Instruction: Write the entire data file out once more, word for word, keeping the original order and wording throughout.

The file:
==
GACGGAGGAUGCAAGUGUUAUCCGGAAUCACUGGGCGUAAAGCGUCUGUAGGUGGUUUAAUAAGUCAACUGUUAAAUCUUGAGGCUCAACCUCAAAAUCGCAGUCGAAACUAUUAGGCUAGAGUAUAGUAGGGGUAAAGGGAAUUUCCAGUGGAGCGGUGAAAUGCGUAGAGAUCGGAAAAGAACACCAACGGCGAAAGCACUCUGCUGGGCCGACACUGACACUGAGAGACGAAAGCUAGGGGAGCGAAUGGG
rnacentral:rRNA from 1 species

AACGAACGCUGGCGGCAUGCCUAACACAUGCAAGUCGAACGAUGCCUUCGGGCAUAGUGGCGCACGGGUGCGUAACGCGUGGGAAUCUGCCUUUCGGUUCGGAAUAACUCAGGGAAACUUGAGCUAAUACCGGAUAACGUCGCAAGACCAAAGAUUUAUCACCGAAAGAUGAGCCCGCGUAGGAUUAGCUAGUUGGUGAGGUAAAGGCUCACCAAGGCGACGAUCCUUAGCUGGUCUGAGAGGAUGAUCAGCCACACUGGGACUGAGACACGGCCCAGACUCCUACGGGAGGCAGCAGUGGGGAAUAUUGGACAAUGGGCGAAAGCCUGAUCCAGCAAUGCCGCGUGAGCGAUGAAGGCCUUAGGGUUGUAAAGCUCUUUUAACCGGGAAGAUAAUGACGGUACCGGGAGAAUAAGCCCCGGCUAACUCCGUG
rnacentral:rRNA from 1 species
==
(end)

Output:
GACGGAGGAUGCAAGUGUUAUCCGGAAUCACUGGGCGUAAAGCGUCUGUAGGUGGUUUAAUAAGUCAACUGUUAAAUCUUGAGGCUCAACCUCAAAAUCGCAGUCGAAACUAUUAGGCUAGAGUAUAGUAGGGGUAAAGGGAAUUUCCAGUGGAGCGGUGAAAUGCGUAGAGAUCGGAAAAGAACACCAACGGCGAAAGCACUCUGCUGGGCCGACACUGACACUGAGAGACGAAAGCUAGGGGAGCGAAUGGG
rnacentral:rRNA from 1 species

AACGAACGCUGGCGGCAUGCCUAACACAUGCAAGUCGAACGAUGCCUUCGGGCAUAGUGGCGCACGGGUGCGUAACGCGUGGGAAUCUGCCUUUCGGUUCGGAAUAACUCAGGGAAACUUGAGCUAAUACCGGAUAACGUCGCAAGACCAAAGAUUUAUCACCGAAAGAUGAGCCCGCGUAGGAUUAGCUAGUUGGUGAGGUAAAGGCUCACCAAGGCGACGAUCCUUAGCUGGUCUGAGAGGAUGAUCAGCCACACUGGGACUGAGACACGGCCCAGACUCCUACGGGAGGCAGCAGUGGGGAAUAUUGGACAAUGGGCGAAAGCCUGAUCCAGCAAUGCCGCGUGAGCGAUGAAGGCCUUAGGGUUGUAAAGCUCUUUUAACCGGGAAGAUAAUGACGGUACCGGGAGAAUAAGCCCCGGCUAACUCCGUG
rnacentral:rRNA from 1 species